But the generation gap between a powerless orthodoxy and its apostate children was reversed in 1734, as the outpouring of the Holy Spirit began to “turn the hearts of fathers to their children and the hearts of children to their fathers” (Mal. 4:6). Edwards describes the ensuing revival in his Faithful Narrative of the Surprising Work of God. A stirring of interest began in the young people as they suddenly seemed to come in direct touch with the realities behind the God-talk of the minister, and this interest spread to their parents. As the Holy Spirit opened the eyes of their hearts and illuminated theological concepts, the opaque orthodoxy of the laity suddenly became a transparent medium for vision through which they saw the glory of God. The gravity of covetousness which had drawn their hearts to earthly concerns was reversed, and merchants began to neglect their business to talk about God and their souls. The Word of God suddenly had free course in congregational worship since the laity were now in touch with the regions described in the minister’s sermons. Hymns were now a delight rather than a habit and a duty. The lay people’s passivity in witness gave way to a new concern for others.
The illumination of the heart which brought converts in touch with the reality of God simultaneously revealed to them how deeply sin gripped their own lives. They suddenly became aware that their problem was not isolated acts of conscious disobedience to God, but a deep aversion to God at the root of their personalities, an aversion which left them in unconscious bondage to unbelief, selfishness, jealousy and other underlying complexes of sin. Some were in agony—even convicted because they were not more sensibly convicted—until they broke through to the realization that the only righteousness that could reconcile such depravity to a holy God was that of Jesus Christ, who offered himself for them on the cross. The new lives which they began to live issued out of hearts thoroughly broken because of sin.
Now that is revival, when people experience the convicting power of the HOLY Spirit. That is what we hope will be taking place at Asbury. And the insights of Edwards on how we can assess and discern what is happening in a revival, and with the religious affections, remain a sound and helpful guide as we assess this and other new movements of God around the world.
As I say, it is early days yet, and the movement happening in Kentucky (and now spreading to other campuses and other places) is midstream. We will have to wait and see how it all pans out. But we can say already that the enemy will seek to bring in counterfeit measures. That always happens. Let’s pray for the leaders there that they have godly wisdom and discernment as these events continue to take place.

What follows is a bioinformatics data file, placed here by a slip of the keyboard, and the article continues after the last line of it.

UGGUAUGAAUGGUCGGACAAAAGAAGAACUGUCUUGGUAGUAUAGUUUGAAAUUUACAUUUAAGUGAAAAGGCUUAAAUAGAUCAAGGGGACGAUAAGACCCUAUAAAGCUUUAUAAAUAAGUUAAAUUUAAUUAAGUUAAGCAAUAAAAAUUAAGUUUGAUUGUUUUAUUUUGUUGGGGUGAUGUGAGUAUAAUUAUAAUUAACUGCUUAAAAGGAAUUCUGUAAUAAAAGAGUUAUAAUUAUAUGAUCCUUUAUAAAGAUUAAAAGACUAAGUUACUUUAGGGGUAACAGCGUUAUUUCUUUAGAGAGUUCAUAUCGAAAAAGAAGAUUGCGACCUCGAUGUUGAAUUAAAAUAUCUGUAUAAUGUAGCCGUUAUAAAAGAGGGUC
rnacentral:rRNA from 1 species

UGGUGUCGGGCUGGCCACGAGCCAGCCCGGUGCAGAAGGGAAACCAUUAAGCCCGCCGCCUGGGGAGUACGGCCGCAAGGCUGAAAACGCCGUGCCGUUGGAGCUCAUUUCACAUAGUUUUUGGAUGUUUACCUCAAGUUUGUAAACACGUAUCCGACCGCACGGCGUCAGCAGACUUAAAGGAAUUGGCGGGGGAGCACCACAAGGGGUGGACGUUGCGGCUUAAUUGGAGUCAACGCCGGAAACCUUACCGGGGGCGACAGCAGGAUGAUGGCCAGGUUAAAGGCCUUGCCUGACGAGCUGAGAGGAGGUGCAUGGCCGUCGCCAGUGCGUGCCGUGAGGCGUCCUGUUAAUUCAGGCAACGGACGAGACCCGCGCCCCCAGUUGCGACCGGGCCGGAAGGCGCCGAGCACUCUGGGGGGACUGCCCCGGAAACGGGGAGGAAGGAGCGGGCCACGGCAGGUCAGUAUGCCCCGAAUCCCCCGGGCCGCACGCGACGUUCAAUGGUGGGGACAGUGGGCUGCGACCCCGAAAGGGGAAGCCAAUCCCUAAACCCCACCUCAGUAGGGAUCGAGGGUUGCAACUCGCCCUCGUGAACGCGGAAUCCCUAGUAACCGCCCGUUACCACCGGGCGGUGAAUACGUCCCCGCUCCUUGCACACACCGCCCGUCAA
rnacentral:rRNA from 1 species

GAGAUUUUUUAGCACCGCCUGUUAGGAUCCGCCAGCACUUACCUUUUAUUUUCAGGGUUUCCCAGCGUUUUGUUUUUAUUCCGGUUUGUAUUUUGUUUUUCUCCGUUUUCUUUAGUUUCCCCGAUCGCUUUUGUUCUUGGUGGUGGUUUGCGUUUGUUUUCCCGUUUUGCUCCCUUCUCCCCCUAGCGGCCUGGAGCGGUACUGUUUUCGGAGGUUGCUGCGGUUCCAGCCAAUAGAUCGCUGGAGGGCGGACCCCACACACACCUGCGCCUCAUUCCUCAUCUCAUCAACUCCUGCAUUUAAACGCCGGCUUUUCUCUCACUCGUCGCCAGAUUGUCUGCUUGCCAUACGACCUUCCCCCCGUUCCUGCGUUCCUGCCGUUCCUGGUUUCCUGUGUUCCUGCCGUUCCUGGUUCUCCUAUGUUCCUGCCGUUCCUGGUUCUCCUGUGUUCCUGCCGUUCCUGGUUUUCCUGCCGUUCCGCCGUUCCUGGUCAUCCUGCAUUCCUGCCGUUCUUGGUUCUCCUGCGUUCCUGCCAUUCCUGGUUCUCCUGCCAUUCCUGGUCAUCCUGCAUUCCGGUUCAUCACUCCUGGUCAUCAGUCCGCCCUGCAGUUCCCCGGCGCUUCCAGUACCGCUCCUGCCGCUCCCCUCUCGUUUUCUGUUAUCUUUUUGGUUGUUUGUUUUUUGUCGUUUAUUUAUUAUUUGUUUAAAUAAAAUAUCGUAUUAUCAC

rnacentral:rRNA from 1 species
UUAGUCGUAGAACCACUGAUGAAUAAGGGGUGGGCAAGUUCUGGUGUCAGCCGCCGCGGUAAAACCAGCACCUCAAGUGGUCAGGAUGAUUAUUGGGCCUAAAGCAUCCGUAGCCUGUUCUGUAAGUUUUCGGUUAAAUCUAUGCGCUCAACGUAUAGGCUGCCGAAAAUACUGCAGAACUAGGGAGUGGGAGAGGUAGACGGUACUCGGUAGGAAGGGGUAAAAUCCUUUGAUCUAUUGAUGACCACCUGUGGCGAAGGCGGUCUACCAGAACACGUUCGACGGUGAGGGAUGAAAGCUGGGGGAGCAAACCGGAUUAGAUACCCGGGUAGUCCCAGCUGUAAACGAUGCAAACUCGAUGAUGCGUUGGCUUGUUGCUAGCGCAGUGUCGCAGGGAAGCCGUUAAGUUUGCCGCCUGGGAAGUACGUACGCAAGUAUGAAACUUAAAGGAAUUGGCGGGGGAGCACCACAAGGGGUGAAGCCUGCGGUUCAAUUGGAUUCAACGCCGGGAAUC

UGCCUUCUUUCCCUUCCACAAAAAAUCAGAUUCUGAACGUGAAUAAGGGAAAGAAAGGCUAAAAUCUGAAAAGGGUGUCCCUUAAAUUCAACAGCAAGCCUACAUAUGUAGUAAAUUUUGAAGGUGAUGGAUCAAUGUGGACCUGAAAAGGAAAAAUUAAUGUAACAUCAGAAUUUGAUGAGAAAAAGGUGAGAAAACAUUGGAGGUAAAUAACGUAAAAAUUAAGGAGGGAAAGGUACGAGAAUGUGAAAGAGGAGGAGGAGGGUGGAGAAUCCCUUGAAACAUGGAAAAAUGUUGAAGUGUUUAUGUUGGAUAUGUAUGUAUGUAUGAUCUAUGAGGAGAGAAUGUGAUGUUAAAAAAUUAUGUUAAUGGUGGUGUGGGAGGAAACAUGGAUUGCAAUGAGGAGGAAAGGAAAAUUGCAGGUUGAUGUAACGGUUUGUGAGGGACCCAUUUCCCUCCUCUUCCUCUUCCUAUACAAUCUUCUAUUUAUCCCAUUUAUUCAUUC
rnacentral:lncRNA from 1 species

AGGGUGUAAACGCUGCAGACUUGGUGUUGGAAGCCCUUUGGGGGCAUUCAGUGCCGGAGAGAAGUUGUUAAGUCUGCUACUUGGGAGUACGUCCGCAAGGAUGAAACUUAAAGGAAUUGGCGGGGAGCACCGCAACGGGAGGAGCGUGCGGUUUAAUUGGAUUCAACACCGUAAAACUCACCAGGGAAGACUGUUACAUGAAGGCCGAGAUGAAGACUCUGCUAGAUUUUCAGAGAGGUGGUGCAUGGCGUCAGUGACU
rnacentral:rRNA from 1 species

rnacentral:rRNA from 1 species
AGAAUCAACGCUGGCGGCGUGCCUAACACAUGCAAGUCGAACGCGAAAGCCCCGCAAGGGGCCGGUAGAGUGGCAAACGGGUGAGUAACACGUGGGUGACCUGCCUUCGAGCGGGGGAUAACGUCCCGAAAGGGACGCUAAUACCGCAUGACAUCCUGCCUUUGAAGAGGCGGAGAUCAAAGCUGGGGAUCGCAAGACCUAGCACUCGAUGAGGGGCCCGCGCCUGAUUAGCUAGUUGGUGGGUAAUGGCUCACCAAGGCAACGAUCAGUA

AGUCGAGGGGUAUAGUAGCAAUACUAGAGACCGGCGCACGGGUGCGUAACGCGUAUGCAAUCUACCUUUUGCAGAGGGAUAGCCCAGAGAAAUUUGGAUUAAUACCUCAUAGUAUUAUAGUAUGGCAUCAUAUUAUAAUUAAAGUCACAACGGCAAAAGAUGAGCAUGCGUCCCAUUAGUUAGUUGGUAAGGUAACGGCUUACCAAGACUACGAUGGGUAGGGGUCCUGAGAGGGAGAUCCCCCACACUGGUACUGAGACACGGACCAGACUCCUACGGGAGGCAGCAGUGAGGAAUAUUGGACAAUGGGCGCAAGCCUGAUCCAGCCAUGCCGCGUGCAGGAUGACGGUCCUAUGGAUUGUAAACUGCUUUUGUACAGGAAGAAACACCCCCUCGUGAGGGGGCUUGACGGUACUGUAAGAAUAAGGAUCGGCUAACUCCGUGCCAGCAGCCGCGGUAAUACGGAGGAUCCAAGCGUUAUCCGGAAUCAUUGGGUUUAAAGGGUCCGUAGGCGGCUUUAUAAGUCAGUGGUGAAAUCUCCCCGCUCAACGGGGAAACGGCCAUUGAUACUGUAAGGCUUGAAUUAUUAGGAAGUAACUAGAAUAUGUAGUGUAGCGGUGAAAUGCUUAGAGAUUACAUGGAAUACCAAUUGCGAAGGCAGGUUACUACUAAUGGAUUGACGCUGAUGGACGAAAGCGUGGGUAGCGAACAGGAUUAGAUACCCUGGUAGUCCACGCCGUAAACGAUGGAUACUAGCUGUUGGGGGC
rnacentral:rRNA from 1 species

We really do need revival.
Further reading on Jonathan Edwards
Byrd, James, Jonathan Edwards for Armchair Theologians. Westminster John Knox Press, 2008.
Crisp, Oliver, Jonathan Edwards Among the Theologians. Eerdmans, 2015.
Crisp, Oliver and Kyle Strobel, Jonathan Edwards: An Introduction to His Thought. Eerdmans, 2018.
Everhard, Matthew, Holy Living: Jonathan Edwards’s Seventy Resolutions for Living the Christian Life. Tyndale House, 2021.
Finn, Nathan and Jeremy Kimble, eds., A Reader’s Guide To the Major Writings of Jonathan Edwards. Crossway, 2017.
Hoehner, Paul, The Covenant Theology of Jonathan Edwards. Pickwick, 2021.
Lawson, Steven, The Unwavering Resolve of Jonathan Edwards. Reformation Trust Publishing, 2008.
McClymond, Michael and Gerald McDermott, The Theology of Jonathan Edwards. OUP, 2011.
McDermott, Gerald, ed., Understanding Jonathan Edwards: An Introduction to America’s Theologian. OUP, 2008.
Marsden, George, Jonathan Edwards: A Life. Yale University Press, 2003.
Murray, Iain, Jonathan Edwards: A New Biography. Banner of Truth, 1987.
Nichols, Stephen, Jonathan Edwards: A Guided Tour of His Life and Thought. P&R, 2001.
Nichols, Stephen, Heaven on Earth: Capturing Jonathan Edward’s Vision of Living in Between. Crossway, 2006.
Ortlund, Dane, Edwards on the Christian Life. Crossway, 2014.
Piper, John, God’s Passion for His Glory: Living the Vision of Jonathan Edwards. Crossway, 1998, 2006.
Piper, John and Justin Taylor, A God Enhanced Vision of All Things: The Legacy of Jonathan Edwards. Crossway, 2004.
Sproul, R. C. and Archie Parrish, The Spirit of Revival. Crossway, 2000.
Storms, Dan, Signs of the Spirit: An Interpretation of Jonathan Edwards’s Religious Affections. Crossway, 2007.
Stout, Harry, The Jonathan Edwards Encyclopedia. Eerdmans, 2017.
Strachan, Owen and Douglas Sweeney, The Essential Jonathan Edwards: An Introduction to the Life and Teaching of America’s Greatest Theologian. Moody, 2018.